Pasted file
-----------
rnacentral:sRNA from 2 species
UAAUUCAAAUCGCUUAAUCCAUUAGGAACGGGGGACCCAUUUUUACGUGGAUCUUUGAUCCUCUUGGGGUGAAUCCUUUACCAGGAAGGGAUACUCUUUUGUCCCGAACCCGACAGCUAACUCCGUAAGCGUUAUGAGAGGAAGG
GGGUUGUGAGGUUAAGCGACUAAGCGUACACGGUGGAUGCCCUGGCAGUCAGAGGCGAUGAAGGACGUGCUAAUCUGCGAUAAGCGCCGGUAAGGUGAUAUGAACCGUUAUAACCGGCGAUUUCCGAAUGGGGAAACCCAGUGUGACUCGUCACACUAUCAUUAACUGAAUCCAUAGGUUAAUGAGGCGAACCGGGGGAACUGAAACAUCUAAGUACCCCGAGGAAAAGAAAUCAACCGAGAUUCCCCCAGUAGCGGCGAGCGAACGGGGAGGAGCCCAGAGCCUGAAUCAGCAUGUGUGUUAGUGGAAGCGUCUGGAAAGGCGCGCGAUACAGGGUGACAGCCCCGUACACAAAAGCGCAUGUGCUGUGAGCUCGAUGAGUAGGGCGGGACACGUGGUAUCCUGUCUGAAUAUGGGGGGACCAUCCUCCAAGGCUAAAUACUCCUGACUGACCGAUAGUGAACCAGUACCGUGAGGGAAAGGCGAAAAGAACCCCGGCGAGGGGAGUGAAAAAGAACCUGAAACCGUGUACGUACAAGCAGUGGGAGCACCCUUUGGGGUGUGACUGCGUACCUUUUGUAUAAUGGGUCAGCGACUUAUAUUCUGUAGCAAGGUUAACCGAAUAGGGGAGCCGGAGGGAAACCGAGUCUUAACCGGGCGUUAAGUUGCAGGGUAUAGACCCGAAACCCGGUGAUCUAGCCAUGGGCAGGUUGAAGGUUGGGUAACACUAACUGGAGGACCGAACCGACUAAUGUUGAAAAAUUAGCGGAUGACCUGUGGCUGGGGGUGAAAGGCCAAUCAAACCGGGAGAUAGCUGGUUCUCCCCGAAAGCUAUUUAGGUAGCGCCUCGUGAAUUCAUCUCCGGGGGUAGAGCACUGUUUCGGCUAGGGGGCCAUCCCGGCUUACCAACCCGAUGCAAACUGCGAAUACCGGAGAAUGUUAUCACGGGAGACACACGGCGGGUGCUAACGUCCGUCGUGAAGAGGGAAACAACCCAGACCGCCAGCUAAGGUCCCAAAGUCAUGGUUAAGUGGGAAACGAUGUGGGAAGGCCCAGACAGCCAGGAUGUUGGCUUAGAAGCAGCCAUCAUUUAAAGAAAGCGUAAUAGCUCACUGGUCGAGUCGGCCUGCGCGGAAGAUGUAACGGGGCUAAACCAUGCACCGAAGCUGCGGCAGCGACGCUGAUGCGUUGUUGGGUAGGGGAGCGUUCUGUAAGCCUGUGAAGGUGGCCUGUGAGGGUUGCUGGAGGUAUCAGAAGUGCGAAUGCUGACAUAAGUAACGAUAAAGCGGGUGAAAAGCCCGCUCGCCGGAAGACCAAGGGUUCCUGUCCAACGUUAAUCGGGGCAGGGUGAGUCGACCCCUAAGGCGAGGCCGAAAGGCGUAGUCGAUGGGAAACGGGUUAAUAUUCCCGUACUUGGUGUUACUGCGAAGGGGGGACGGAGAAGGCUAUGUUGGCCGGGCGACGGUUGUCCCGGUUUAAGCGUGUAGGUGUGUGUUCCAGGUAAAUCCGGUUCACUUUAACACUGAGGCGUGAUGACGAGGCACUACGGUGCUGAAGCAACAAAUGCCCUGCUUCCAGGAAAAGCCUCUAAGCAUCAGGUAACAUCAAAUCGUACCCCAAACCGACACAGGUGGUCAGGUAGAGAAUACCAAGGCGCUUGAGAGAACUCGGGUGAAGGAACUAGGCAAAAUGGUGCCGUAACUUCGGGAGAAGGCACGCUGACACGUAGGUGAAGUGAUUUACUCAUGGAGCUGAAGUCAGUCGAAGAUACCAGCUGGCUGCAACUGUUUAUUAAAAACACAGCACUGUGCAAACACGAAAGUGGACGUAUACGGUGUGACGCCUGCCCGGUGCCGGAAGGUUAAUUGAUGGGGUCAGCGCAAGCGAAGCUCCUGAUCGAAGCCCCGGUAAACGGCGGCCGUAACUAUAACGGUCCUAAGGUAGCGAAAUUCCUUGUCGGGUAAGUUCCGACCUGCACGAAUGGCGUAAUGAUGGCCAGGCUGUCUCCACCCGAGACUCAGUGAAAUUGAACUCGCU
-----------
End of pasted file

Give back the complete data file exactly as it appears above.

rnacentral:sRNA from 2 species
UAAUUCAAAUCGCUUAAUCCAUUAGGAACGGGGGACCCAUUUUUACGUGGAUCUUUGAUCCUCUUGGGGUGAAUCCUUUACCAGGAAGGGAUACUCUUUUGUCCCGAACCCGACAGCUAACUCCGUAAGCGUUAUGAGAGGAAGG
GGGUUGUGAGGUUAAGCGACUAAGCGUACACGGUGGAUGCCCUGGCAGUCAGAGGCGAUGAAGGACGUGCUAAUCUGCGAUAAGCGCCGGUAAGGUGAUAUGAACCGUUAUAACCGGCGAUUUCCGAAUGGGGAAACCCAGUGUGACUCGUCACACUAUCAUUAACUGAAUCCAUAGGUUAAUGAGGCGAACCGGGGGAACUGAAACAUCUAAGUACCCCGAGGAAAAGAAAUCAACCGAGAUUCCCCCAGUAGCGGCGAGCGAACGGGGAGGAGCCCAGAGCCUGAAUCAGCAUGUGUGUUAGUGGAAGCGUCUGGAAAGGCGCGCGAUACAGGGUGACAGCCCCGUACACAAAAGCGCAUGUGCUGUGAGCUCGAUGAGUAGGGCGGGACACGUGGUAUCCUGUCUGAAUAUGGGGGGACCAUCCUCCAAGGCUAAAUACUCCUGACUGACCGAUAGUGAACCAGUACCGUGAGGGAAAGGCGAAAAGAACCCCGGCGAGGGGAGUGAAAAAGAACCUGAAACCGUGUACGUACAAGCAGUGGGAGCACCCUUUGGGGUGUGACUGCGUACCUUUUGUAUAAUGGGUCAGCGACUUAUAUUCUGUAGCAAGGUUAACCGAAUAGGGGAGCCGGAGGGAAACCGAGUCUUAACCGGGCGUUAAGUUGCAGGGUAUAGACCCGAAACCCGGUGAUCUAGCCAUGGGCAGGUUGAAGGUUGGGUAACACUAACUGGAGGACCGAACCGACUAAUGUUGAAAAAUUAGCGGAUGACCUGUGGCUGGGGGUGAAAGGCCAAUCAAACCGGGAGAUAGCUGGUUCUCCCCGAAAGCUAUUUAGGUAGCGCCUCGUGAAUUCAUCUCCGGGGGUAGAGCACUGUUUCGGCUAGGGGGCCAUCCCGGCUUACCAACCCGAUGCAAACUGCGAAUACCGGAGAAUGUUAUCACGGGAGACACACGGCGGGUGCUAACGUCCGUCGUGAAGAGGGAAACAACCCAGACCGCCAGCUAAGGUCCCAAAGUCAUGGUUAAGUGGGAAACGAUGUGGGAAGGCCCAGACAGCCAGGAUGUUGGCUUAGAAGCAGCCAUCAUUUAAAGAAAGCGUAAUAGCUCACUGGUCGAGUCGGCCUGCGCGGAAGAUGUAACGGGGCUAAACCAUGCACCGAAGCUGCGGCAGCGACGCUGAUGCGUUGUUGGGUAGGGGAGCGUUCUGUAAGCCUGUGAAGGUGGCCUGUGAGGGUUGCUGGAGGUAUCAGAAGUGCGAAUGCUGACAUAAGUAACGAUAAAGCGGGUGAAAAGCCCGCUCGCCGGAAGACCAAGGGUUCCUGUCCAACGUUAAUCGGGGCAGGGUGAGUCGACCCCUAAGGCGAGGCCGAAAGGCGUAGUCGAUGGGAAACGGGUUAAUAUUCCCGUACUUGGUGUUACUGCGAAGGGGGGACGGAGAAGGCUAUGUUGGCCGGGCGACGGUUGUCCCGGUUUAAGCGUGUAGGUGUGUGUUCCAGGUAAAUCCGGUUCACUUUAACACUGAGGCGUGAUGACGAGGCACUACGGUGCUGAAGCAACAAAUGCCCUGCUUCCAGGAAAAGCCUCUAAGCAUCAGGUAACAUCAAAUCGUACCCCAAACCGACACAGGUGGUCAGGUAGAGAAUACCAAGGCGCUUGAGAGAACUCGGGUGAAGGAACUAGGCAAAAUGGUGCCGUAACUUCGGGAGAAGGCACGCUGACACGUAGGUGAAGUGAUUUACUCAUGGAGCUGAAGUCAGUCGAAGAUACCAGCUGGCUGCAACUGUUUAUUAAAAACACAGCACUGUGCAAACACGAAAGUGGACGUAUACGGUGUGACGCCUGCCCGGUGCCGGAAGGUUAAUUGAUGGGGUCAGCGCAAGCGAAGCUCCUGAUCGAAGCCCCGGUAAACGGCGGCCGUAACUAUAACGGUCCUAAGGUAGCGAAAUUCCUUGUCGGGUAAGUUCCGACCUGCACGAAUGGCGUAAUGAUGGCCAGGCUGUCUCCACCCGAGACUCAGUGAAAUUGAACUCGCU